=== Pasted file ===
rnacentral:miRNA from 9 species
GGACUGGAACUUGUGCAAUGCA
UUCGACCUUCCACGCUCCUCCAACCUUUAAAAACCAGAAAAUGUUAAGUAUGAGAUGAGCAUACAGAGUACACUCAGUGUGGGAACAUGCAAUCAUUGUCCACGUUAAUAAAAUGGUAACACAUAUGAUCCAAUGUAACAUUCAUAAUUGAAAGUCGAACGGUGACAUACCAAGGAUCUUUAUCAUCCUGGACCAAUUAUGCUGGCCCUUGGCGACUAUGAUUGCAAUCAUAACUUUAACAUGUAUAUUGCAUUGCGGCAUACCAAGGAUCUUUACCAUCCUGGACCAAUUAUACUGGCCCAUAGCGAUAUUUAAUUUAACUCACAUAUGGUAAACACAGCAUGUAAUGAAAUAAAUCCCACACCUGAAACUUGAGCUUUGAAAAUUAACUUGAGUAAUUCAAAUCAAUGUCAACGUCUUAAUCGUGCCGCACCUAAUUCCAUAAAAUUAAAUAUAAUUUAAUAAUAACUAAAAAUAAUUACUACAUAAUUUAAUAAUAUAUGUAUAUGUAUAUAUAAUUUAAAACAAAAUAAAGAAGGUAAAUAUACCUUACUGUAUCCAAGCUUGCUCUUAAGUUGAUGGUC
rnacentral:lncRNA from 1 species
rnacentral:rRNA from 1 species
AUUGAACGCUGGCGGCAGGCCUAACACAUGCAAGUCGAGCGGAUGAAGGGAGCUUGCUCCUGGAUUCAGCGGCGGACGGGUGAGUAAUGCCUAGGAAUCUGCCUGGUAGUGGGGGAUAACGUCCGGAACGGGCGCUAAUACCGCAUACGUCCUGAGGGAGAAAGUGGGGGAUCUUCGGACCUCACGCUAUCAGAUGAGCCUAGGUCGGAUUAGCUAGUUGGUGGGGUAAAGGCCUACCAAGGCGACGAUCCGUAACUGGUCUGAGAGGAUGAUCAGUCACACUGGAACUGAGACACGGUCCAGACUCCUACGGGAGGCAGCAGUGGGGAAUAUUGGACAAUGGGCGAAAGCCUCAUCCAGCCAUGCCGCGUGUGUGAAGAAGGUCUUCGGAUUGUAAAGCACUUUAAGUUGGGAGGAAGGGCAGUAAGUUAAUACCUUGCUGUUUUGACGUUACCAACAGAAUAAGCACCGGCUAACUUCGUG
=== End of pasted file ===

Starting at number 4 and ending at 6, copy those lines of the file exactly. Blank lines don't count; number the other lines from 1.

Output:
rnacentral:lncRNA from 1 species
rnacentral:rRNA from 1 species
AUUGAACGCUGGCGGCAGGCCUAACACAUGCAAGUCGAGCGGAUGAAGGGAGCUUGCUCCUGGAUUCAGCGGCGGACGGGUGAGUAAUGCCUAGGAAUCUGCCUGGUAGUGGGGGAUAACGUCCGGAACGGGCGCUAAUACCGCAUACGUCCUGAGGGAGAAAGUGGGGGAUCUUCGGACCUCACGCUAUCAGAUGAGCCUAGGUCGGAUUAGCUAGUUGGUGGGGUAAAGGCCUACCAAGGCGACGAUCCGUAACUGGUCUGAGAGGAUGAUCAGUCACACUGGAACUGAGACACGGUCCAGACUCCUACGGGAGGCAGCAGUGGGGAAUAUUGGACAAUGGGCGAAAGCCUCAUCCAGCCAUGCCGCGUGUGUGAAGAAGGUCUUCGGAUUGUAAAGCACUUUAAGUUGGGAGGAAGGGCAGUAAGUUAAUACCUUGCUGUUUUGACGUUACCAACAGAAUAAGCACCGGCUAACUUCGUG